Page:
DALLAS — New mask guidance from the Centers for Disease Control and Prevention on Tuesday focused on two main locations: Schools and "high transmission" areas in public.
The schools angle was straightforward, with the CDC recommending all teachers, staff and students wear a mask indoors, regardless of vaccination status.
But for the general public, how do you know if you're in a "high transmission" area? Those COVID-19 hotspots are where the CDC is now recommending that all people, vaccinated or not, should wear a mask indoors in public.
The guidance is based on the CDC's community transmission map, which measures the level of COVID-19 spread for every county in the U.S.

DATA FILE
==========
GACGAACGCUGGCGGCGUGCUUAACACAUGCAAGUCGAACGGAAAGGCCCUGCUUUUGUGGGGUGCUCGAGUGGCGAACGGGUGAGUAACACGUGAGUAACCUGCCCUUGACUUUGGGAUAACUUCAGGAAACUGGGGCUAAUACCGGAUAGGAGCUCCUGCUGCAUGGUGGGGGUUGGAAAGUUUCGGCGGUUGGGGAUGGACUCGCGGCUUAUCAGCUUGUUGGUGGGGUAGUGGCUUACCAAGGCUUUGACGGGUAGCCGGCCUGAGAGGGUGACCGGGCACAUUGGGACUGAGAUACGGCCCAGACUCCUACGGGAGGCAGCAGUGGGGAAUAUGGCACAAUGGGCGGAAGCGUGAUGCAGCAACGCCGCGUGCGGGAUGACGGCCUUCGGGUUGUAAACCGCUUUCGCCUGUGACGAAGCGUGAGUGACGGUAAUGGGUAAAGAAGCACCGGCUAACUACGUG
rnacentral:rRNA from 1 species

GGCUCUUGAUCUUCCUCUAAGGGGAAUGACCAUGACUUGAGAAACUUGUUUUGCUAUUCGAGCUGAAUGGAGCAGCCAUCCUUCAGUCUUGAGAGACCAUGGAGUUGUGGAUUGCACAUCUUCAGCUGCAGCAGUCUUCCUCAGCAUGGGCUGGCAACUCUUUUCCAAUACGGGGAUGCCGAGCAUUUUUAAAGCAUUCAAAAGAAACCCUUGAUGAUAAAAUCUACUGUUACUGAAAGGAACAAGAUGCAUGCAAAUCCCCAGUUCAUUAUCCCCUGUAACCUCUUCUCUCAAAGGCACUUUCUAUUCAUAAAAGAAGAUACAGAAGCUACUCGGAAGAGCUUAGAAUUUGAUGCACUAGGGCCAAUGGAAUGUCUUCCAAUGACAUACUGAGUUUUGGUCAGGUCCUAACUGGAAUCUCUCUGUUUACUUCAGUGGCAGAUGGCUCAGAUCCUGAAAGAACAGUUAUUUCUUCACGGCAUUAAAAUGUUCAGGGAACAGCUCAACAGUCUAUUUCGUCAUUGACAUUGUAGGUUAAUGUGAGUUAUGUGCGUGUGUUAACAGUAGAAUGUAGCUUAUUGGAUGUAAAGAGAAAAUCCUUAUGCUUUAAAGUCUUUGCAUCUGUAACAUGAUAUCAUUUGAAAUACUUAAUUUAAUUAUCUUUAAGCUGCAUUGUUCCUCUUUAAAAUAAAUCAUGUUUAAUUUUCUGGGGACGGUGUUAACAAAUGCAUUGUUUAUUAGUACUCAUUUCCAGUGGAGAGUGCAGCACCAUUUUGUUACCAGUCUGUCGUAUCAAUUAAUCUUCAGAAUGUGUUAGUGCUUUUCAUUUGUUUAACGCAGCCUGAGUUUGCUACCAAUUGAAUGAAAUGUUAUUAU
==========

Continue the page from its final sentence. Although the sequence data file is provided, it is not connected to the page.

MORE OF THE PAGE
The transmission levels range from low transmission to moderate to substantial to high.
For high transmission areas, COVID-19 cases will have surpassed 100 new cases per 100,000 residents over the last seven days, or the positivity rate will have exceeded 10%.
For the substantial transmission areas, cases will have ranged from 50-99.9 cases per 100,000 residents and the positivity rate will have ranged from 8-9.99%.
What does that look like in North Texas? Dallas, Tarrant and Denton counties are all considered high transmission areas. Collin County remains in the less-severe substantial transmission range.
Ellis, Rockwall, Parker, Hood, Johnson, Wise and Kaufman counties are also considered high transmission areas in North Texas.
Nationwide, 46.43% of all counties are high transmission area, up 17.11% from a week ago, according to the CDC data.
COVID-19 case rates and hospitalizations have been climbing for weeks across North Texas, as the Delta variant has become more prevalent. Last week, Dallas County moved the county back to Level Orange on its COVID-19 threat level for unvaccinated people.